On January, eight days after the Holy Nativity of our Lord, we celebrate His Circumcision, one of the Feasts of the Lord, on which—in accordance with Hebrew tradition—He received the name "Jesus": "And when eight days were accomplished for the circumcising of the Child, His name was called Jesus, which was so named of the Angel before He was conceived in the womb" (St. Luke 2:21).

Homily on the Day of the Circumcision of the Lord and Commemoration of St. Basil the Great

Hieromartyr Thaddeus (Uspensky)

“The Lord of all endures circumcision, and He circumcises man’s sins, for He is good.” This is the meaning of today’s Church feast. The Circumcision was established by God and commanded through Abraham to all the chosen people of the Jews. It was a sign of entering into the Covenant with God, the seal of the promise to be always in Obedience to Him from childhood, to be faithful to Him unto the shedding of blood.

Homily on the Circumcision of the Lord

Igumen Nikon (Vorobiev)

According to the Law of Moses, the law given by the Lord Himself to Abraham, anyone who wanted to be a member of the Israelite nation, the chosen people of God, had to subject himself to a particularly bloody operation. This applied to anyone of the male sex. They were given what was called circumcision. This sign of circumcision remained with them for the rest of their lives. It was a reminder that this man is a member of the Israelite nation. But almost everything that took place in the Old Testament was but a shadow prefiguring the subject that was just about to come.

St. Basil the Great

In many Greek homes, a special cake is baked on the eve of St. Basil's Day (January 1st) with a gold or silver coin hidden inside. In the evening, just before midnight strikes and the new [calendar] year begins, all the lights are turned off for a minute to signify the dawning of a New Year. The family gaily exchanges wishes for "A Happy New Year!" and the cake is cut: one slice for St. Basil, one for each family member, one for each of the pets, and then the largest slice of all is cut for the poor people of the world. In one of these slices is hidden the coin, which brings blessings to its recipient throughout the year.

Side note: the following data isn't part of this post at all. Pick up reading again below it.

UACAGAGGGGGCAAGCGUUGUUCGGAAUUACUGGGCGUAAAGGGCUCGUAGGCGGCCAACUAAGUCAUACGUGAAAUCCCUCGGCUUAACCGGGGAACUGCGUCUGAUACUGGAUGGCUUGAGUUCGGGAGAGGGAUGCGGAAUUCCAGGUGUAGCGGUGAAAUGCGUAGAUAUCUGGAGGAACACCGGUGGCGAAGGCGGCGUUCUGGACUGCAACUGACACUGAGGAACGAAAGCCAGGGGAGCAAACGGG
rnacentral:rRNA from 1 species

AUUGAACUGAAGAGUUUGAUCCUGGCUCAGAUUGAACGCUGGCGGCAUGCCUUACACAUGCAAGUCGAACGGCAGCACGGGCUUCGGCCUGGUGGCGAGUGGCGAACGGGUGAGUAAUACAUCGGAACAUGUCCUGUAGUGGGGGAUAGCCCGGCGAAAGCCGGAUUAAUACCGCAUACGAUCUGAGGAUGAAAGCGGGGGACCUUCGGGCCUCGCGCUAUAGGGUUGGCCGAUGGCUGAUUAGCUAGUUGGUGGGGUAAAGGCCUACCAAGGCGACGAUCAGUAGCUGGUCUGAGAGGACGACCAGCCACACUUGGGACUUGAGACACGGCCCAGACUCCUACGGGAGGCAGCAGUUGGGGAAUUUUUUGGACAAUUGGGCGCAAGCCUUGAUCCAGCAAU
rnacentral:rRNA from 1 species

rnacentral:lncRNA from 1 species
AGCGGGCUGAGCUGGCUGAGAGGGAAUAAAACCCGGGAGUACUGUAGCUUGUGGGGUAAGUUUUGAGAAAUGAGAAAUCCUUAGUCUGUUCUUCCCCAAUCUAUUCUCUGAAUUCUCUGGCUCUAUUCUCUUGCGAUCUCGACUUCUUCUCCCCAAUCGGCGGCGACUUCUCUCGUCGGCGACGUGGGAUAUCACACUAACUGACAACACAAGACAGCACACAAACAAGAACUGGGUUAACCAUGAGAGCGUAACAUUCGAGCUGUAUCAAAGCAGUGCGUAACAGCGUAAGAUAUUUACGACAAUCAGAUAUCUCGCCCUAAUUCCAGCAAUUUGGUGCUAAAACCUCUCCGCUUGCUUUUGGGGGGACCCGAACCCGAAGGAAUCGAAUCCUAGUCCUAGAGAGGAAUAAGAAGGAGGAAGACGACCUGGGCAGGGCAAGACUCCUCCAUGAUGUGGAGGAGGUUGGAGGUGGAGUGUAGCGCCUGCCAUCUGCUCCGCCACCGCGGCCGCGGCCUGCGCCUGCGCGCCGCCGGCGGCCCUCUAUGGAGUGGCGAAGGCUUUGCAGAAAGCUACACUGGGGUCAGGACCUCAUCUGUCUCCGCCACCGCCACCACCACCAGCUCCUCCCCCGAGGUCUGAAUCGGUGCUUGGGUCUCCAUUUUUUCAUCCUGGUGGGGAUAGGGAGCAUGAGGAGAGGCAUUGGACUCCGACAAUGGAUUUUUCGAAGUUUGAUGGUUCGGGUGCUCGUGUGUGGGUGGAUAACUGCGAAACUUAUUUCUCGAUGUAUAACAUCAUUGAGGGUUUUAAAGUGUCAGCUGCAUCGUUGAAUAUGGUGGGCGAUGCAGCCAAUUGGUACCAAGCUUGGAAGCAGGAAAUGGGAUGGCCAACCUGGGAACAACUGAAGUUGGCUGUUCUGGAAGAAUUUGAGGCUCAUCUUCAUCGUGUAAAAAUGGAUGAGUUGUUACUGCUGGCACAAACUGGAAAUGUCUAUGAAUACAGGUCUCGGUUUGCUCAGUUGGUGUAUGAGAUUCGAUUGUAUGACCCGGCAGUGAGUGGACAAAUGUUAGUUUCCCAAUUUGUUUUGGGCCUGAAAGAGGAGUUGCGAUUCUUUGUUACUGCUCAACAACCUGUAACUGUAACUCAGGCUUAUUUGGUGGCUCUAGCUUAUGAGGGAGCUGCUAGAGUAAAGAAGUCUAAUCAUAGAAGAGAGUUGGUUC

St. Basil the Great, Archbishop of Cæsarea in Cappadocia

Saint Basil the Great, Archbishop of Caesarea in Cappadocia, “belongs not to the Church of Caesarea alone, nor merely to his own time, nor was he of benefit only to his own kinsmen, but rather to all lands and cities worldwide, and to all people he brought and still brings benefit, and for Christians he always was and will be a most salvific teacher.” Thus spoke St Basil’s contemporary, St Amphilochius, Bishop of Iconium.

St. Basil the Great and Christian Philanthropy

Many things are said and written about the great Cappodocian Father of the 4th century St. Basil the Great of Caesarea. In Basil the Great, we find the consummate theologian, liturgical scholar, ascetic and evangelist of the Faith. Too often, however, one more aspect of Basil is left overlooked and that is Basil as the first great Christian philanthropist.

St. Basil, the Great Visionary of Creation

Jesse Dominick

As a theologian St. Basil is distinguished as a luminous visionary of the dogma of creation. His Hexaemeron, or commentary on the six days of creation, delivered as a series of nine sermons during Lent sometime around 370 AD, has stood the test of time to become the Church’s most authoritative text on the matter.

Martyr Basil of Ancyra

Saint Basil lived in the time of Julian the Apostate (331-363), and confessed his faith in Christ before the governor Saturninus.

St Emilia, the Mother of St Basil the Great

St Basil the Great’s mother St Emilia was the daughter of a martyr. On the Greek calendar, she is commemorated on May 30.